Then there’s Jon Hamm, who in what’s probably the most egregious reality in Emmy history, has never won for Don Draper. He’s been nominated every year, but he’s never won, and if you look at that loaded category, it’s very possible that streak will continue. He’s going to have to deal with the True Detective besties, Frank Underwood, and that Walter Hartwell White guy.
Parks and Recreation being left out except for Amy Poehler remains expected and sad, but what’s astonishing is leaving out Brooklyn Nine-Nine and honestly, leaving out The Goldbergs in at least some comedic category (ahem Wendi McLendon-Covey). Silicon Valley and Veep are very worthy nominees and will definitely challenge Modern Family, though everyone is likely playing for second behind Orange. Edie Falco gets yet another comedy nomination for Nurse Jackie, which isn’t, wasn’t, and never will be a comedy. Edie is awesome and she takes heat because of things outside of her control. That’s another argument we make every year.
Because of its success on CBS, The Big Bang Theory takes plenty of shots from hipsters and “above it” people, but I’ve got no problem saying it’s one of my favorite half hours of the week and has been since the first season. This past year’s run was also very strong. I’m especially pleased to see Bob Newhart get nominated for a Guest role for Professor Proton. Jim Parsons remains as good at what he does as anybody in their field and his continued nomination is evidence of it. He also received a second nod for his work in The Normal Heart.
Back to overall thoughts, it isn’t that those nominated did bad work, it’s that the Emmys give us the same thing every year and sadly are predictably out-of-touch and behind the times. The show feels incredibly stale and the snubs become the story rather than the great work of the nominees and the incredible age we’re living in right now as fans of the medium. Grasping onto the now fully-declined Downton Abbey is the biggest example of it.
Another one of the traditional nominations is Modern Family, which although still a good program, is recognized more for what it did rather than what it still does. It’s now the Derek Jeter of the Emmy Awards. If it won this year, which it won’t, it would tie Frasier at five for most ever in the category.
Melissa McCarthy’s back for doing nothing new, but again no Wendi or maybe more disappointingly, no Emmy Rossum…again.
Alison Tolman was superb in Fargo, but she has a trio of competitors from American Horror Story: Coven AND both Ellen Burstyn and Julia Roberts to deal with…so I’m not holding my breath there.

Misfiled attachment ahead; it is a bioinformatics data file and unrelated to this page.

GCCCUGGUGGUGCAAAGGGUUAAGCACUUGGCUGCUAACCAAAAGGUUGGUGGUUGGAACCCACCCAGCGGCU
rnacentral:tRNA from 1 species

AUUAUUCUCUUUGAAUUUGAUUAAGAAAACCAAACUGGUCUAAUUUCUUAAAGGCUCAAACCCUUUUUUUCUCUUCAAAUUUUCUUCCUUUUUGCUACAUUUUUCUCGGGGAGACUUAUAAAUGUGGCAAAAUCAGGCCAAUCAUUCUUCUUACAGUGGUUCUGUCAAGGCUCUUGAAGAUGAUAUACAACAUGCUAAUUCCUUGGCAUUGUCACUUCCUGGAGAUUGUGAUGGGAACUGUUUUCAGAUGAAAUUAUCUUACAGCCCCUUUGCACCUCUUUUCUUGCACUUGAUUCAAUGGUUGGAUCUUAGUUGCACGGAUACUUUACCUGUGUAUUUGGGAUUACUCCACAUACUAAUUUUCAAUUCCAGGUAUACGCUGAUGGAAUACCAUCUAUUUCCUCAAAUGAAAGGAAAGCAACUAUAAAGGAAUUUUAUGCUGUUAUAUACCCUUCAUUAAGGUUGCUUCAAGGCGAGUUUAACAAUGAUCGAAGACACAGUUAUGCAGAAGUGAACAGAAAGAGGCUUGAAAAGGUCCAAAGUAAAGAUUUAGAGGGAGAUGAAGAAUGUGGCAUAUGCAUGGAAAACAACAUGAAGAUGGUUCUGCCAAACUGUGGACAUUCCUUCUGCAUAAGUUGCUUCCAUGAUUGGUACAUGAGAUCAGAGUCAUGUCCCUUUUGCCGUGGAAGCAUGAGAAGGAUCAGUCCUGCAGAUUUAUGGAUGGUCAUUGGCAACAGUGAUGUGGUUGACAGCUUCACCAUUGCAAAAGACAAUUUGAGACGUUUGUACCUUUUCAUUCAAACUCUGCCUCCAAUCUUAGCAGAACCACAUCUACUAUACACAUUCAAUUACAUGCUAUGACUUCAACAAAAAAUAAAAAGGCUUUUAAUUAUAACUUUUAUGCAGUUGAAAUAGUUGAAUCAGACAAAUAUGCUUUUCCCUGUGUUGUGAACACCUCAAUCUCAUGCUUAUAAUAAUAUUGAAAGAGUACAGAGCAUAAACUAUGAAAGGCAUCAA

I love that Gary Cole got a Guest nom for Veep. That’s all I have to say there…Hale and JLD no shock nor should there be but there’s so much more to that cast and Cole added plenty to the product.
Thank goodness the voters didn’t forget about Cumberbatch and Freeman (nominated twice this year) in Sherlock: His Last Vow, although the show itself didn’t crack the nominations for Miniseries.
The big question in the Miniseries or Movie category is whether Fargo can get the job done or whether the topical and extremely good The Normal Heart will walk away with a fleet of gold. They’re drastically different and I can make a case why the Emmy voters will learn heavily in one direction or the other.
If you’re wondering why I haven’t mentioned Game of Thrones, it’s because the show got 19 nominations and I have no problem with any of them. It’s one of the best shows out there and I’m glad to see it get recognized for its success. The Emmys has traditionally ignored the show, again why HBO submitted True Detective as a drama.
I’m never against Christina Hendricks, but Elizabeth Moss in the first half of the final Mad Men season (what was eligible) was maybe at her best and she’s long been ignored in final tallies. Her character became unlikable early in the year, but was a knockout as “Waterloo” concluded.
Brooklyn Nine-Nine was the belle of the Golden Globe ball, but the Emmys only seemed to notice Andre Braugher. But at least they DID notice him, because he was magnificent.
I have grown to understand American Horror Story is good. I just don’t like the show. It’s just not for me and I’m okay with that.
The rose continues to fall from the Homeland shrub as expected. Danes gets her due again as does Patinkin, but no Damian Lewis and no Best Drama nod. The reinvention of the series this fall will either save it completely or you can wave goodbye to its award consideration.
Anna Faris was likely a longshot for Mom, but she was really good. Janney, another Emmy favorite, did get some love. The Best Actress in a Comedy Series category was going to leave someone on the outside looking in, because Dunham, Schilling, Falco (unfortunately), and Louis-Dreyfus were all shoo-ins, again #BecauseEmmys.